While The Everly Brothers' career stalled in 1962 in the United States and 1965 in the United States, they would still prove to be a creative force in music. Their 1966 album Two Yanks in England was recorded with The Hollies and blended The Everly Brothers' earlier style with that of the British Invasion bands. With The Everlys' trademark harmonies and The Hollies' jangly guitars, the album would prove to be crucial in the development of the genre of power pop (a genre upon which The Everly Brothers already had a pivotal influence). Their 1968 album Roots is often considered one of the earliest examples of country rock.
Unfortunately, despite The Everly Brothers' continued influence on popular music, their contract with Warner Brothers was allowed to expire after years without hit records. The Everly Brothers then signed with RCA Victor in 1971. It was that year that they also had their own summer television replacement show, The Everly Brothers Show, on CBS.
The two albums that The Everly Brothers issued on RCA Victor did not prove successful. Tension between the brothers had been high for years and in 1973 they announced that they would take time off from performing. At a concert performed at Knotts Berry Farm on 14 July 1973 it soon became obvious The Everly Brothers would not be recording together any time soon. The two argued between each other on stage until Don finally left with the words, "I'm through being an Everly Brother!" Phil finished the concert by himself.
Afterwards the Everlys each embarked on solo careers. Phil Everly's first solo album, Star Spangled Springer, was released in 1973, as well as the singles "God Bless Older Ladies (For They Made Rock and Roll)" and "The Air That I Breathe" (later covered by The Hollies). He would release a few more solo albums: Phil's Diner in 1974, Mystic Line in 1975, Living Alone in 1979, and Phil Everly in 1983. He would also have a few minor hits in the United States over the years. In 1980 "Dare to Dream Again" went to #9 on the Billboard Adult Contemporary chart, while in 1982 "Who's Gonna Keep Me Warm" went to #37 on the Billboard country chart. In the United Kingdom Phil Everly hit the top ten on the singles chart with "She Means Nothing to Me", performed with Cliff Richard, in 1982. During this period Phil Everly also wrote "Don't Say You Don't Love Me No More" for the Clint Eastwood film Every Which Way But Loose (1978), as well as "One Too Many Women In Your Life" for its sequel, Any Which Way You Can (1980).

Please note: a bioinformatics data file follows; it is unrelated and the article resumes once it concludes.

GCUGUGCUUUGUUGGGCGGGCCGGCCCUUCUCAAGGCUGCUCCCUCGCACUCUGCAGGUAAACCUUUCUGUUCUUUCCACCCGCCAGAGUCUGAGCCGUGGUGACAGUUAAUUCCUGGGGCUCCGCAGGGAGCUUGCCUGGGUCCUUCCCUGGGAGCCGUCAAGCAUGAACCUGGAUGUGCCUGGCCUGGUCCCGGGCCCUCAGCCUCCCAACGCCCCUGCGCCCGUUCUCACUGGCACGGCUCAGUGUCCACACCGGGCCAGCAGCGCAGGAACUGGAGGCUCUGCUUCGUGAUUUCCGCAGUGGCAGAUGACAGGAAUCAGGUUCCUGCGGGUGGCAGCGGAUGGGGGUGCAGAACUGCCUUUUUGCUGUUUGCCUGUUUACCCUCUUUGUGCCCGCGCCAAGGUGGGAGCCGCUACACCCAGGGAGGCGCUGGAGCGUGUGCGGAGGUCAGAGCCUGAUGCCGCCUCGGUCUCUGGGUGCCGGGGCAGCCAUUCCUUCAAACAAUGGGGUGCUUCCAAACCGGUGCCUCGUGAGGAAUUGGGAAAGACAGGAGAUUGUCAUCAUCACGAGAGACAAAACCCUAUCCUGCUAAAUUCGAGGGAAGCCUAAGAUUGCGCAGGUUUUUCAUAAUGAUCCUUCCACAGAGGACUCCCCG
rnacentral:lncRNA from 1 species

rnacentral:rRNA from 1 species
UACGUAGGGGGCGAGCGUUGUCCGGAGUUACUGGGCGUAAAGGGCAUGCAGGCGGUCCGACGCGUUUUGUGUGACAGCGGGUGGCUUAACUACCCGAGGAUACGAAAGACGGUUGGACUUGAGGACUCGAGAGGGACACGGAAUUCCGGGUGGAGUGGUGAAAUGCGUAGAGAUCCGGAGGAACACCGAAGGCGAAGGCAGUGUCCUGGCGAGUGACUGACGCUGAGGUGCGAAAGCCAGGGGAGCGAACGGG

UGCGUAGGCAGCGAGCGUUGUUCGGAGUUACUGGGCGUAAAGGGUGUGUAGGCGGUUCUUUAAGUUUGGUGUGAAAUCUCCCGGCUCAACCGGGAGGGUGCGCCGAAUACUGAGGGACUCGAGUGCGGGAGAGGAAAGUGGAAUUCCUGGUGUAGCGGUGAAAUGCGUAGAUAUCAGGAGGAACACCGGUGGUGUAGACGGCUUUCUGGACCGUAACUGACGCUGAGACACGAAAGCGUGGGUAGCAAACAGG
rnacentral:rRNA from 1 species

It was in 1983, around ten years after their break up, that The Everly Brothers reunited. They performed a reunion concert at the Royal Albert Hall in London on 23 September 1983. Both a live album recorded from the concert and a video of the concert performed fairly well on the charts. The Everly Brothers recorded three more albums together: EB 84 in 1984, Born Yesterday in 1986, and Some Hearts in 1988. The Everly Brothers recorded no more studio albums, although they continued to tour together.